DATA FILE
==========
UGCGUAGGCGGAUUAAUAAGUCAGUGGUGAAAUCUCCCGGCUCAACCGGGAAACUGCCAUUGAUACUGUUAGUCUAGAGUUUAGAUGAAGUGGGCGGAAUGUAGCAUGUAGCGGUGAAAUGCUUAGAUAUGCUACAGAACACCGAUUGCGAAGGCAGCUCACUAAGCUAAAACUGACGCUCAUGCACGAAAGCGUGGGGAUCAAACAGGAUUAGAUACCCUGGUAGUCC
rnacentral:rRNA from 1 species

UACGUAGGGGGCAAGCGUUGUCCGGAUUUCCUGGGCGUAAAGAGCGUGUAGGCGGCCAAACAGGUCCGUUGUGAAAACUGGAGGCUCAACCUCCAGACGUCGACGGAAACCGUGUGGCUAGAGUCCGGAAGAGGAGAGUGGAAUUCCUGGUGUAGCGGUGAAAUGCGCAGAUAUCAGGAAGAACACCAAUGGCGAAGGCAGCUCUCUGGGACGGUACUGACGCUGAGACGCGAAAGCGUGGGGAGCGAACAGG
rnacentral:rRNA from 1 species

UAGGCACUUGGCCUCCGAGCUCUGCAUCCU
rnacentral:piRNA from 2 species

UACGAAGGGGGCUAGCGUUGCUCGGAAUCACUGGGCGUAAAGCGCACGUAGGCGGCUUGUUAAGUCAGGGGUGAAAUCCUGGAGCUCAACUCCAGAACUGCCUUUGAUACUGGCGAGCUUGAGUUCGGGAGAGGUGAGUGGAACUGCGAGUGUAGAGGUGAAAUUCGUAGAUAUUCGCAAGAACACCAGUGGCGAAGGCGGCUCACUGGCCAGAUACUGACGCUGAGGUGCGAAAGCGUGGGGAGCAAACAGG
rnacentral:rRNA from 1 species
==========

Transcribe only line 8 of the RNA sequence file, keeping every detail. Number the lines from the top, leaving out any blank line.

rnacentral:rRNA from 1 species